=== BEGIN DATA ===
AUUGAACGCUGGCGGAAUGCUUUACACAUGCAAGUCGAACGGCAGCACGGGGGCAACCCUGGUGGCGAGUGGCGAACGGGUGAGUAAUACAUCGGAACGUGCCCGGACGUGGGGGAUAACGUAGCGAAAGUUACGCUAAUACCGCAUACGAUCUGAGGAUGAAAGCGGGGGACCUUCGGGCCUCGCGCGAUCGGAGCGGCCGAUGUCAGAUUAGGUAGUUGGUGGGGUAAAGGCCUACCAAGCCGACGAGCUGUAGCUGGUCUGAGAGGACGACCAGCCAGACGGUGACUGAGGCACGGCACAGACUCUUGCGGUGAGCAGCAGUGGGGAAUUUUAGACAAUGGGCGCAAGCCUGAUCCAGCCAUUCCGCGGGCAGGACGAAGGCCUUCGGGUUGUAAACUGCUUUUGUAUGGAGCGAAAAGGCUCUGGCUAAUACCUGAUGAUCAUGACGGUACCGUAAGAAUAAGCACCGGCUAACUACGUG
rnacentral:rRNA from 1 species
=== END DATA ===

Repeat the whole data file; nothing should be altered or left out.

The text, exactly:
AUUGAACGCUGGCGGAAUGCUUUACACAUGCAAGUCGAACGGCAGCACGGGGGCAACCCUGGUGGCGAGUGGCGAACGGGUGAGUAAUACAUCGGAACGUGCCCGGACGUGGGGGAUAACGUAGCGAAAGUUACGCUAAUACCGCAUACGAUCUGAGGAUGAAAGCGGGGGACCUUCGGGCCUCGCGCGAUCGGAGCGGCCGAUGUCAGAUUAGGUAGUUGGUGGGGUAAAGGCCUACCAAGCCGACGAGCUGUAGCUGGUCUGAGAGGACGACCAGCCAGACGGUGACUGAGGCACGGCACAGACUCUUGCGGUGAGCAGCAGUGGGGAAUUUUAGACAAUGGGCGCAAGCCUGAUCCAGCCAUUCCGCGGGCAGGACGAAGGCCUUCGGGUUGUAAACUGCUUUUGUAUGGAGCGAAAAGGCUCUGGCUAAUACCUGAUGAUCAUGACGGUACCGUAAGAAUAAGCACCGGCUAACUACGUG
rnacentral:rRNA from 1 species